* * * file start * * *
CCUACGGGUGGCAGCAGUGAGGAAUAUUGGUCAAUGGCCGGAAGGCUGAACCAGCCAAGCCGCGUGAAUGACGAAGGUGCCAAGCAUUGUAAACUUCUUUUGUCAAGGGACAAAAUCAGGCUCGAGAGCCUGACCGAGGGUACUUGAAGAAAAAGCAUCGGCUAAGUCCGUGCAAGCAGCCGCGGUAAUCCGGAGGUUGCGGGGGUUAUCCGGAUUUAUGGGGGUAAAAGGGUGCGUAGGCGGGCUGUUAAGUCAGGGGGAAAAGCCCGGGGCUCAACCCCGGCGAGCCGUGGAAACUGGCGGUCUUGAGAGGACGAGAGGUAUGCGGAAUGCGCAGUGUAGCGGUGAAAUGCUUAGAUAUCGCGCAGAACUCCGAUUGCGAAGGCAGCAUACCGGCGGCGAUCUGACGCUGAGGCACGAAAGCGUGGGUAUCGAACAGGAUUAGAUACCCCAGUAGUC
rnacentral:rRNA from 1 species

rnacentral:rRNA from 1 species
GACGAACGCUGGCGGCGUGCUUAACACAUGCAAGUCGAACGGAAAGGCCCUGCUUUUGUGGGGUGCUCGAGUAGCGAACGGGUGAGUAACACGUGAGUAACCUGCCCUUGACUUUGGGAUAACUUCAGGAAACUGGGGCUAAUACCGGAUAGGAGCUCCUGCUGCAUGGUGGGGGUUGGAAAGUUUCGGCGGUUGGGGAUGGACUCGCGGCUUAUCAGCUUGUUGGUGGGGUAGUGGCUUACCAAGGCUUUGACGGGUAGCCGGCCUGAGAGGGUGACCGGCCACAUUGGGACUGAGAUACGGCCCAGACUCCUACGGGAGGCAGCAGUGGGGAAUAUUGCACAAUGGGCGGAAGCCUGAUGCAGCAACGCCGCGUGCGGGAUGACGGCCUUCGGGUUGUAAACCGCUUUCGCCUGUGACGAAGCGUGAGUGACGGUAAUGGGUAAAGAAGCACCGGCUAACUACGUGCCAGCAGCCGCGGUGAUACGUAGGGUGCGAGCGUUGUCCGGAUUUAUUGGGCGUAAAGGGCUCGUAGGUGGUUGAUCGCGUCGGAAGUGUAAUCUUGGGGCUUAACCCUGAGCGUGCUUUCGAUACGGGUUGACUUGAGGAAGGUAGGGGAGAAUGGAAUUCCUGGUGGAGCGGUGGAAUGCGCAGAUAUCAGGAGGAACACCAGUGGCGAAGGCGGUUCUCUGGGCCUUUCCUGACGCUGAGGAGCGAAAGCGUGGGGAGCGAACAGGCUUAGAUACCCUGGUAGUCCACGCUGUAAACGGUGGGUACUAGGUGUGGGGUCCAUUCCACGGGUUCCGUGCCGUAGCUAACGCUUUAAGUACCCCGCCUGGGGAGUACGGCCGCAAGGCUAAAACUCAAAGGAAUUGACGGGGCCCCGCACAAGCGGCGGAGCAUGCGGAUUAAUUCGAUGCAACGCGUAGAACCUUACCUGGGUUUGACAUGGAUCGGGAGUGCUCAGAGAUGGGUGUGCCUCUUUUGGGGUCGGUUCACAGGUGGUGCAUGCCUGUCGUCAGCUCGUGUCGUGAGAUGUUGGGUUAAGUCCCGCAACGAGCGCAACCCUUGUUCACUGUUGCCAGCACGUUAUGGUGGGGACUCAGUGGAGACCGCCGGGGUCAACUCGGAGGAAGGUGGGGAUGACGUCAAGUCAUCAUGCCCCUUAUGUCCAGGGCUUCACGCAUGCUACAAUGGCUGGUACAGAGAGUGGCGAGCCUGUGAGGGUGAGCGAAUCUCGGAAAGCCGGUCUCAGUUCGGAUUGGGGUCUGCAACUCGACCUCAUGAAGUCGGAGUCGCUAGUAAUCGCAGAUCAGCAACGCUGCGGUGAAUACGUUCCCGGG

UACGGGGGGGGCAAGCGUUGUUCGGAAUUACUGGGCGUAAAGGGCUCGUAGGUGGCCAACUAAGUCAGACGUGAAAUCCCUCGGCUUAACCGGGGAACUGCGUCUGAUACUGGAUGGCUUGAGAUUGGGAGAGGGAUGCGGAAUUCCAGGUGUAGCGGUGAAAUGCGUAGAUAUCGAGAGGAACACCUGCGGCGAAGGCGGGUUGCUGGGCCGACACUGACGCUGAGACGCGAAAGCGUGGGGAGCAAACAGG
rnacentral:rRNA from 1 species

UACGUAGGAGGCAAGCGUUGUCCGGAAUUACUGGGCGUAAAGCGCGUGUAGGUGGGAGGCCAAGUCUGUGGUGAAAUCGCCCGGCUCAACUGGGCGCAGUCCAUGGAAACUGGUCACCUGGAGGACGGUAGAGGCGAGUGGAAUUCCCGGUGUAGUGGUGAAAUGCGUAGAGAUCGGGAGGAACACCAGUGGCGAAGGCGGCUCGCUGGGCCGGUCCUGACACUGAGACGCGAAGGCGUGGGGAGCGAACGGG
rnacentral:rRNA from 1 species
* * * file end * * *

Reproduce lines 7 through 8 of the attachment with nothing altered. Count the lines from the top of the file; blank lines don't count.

UACGUAGGAGGCAAGCGUUGUCCGGAAUUACUGGGCGUAAAGCGCGUGUAGGUGGGAGGCCAAGUCUGUGGUGAAAUCGCCCGGCUCAACUGGGCGCAGUCCAUGGAAACUGGUCACCUGGAGGACGGUAGAGGCGAGUGGAAUUCCCGGUGUAGUGGUGAAAUGCGUAGAGAUCGGGAGGAACACCAGUGGCGAAGGCGGCUCGCUGGGCCGGUCCUGACACUGAGACGCGAAGGCGUGGGGAGCGAACGGG
rnacentral:rRNA from 1 species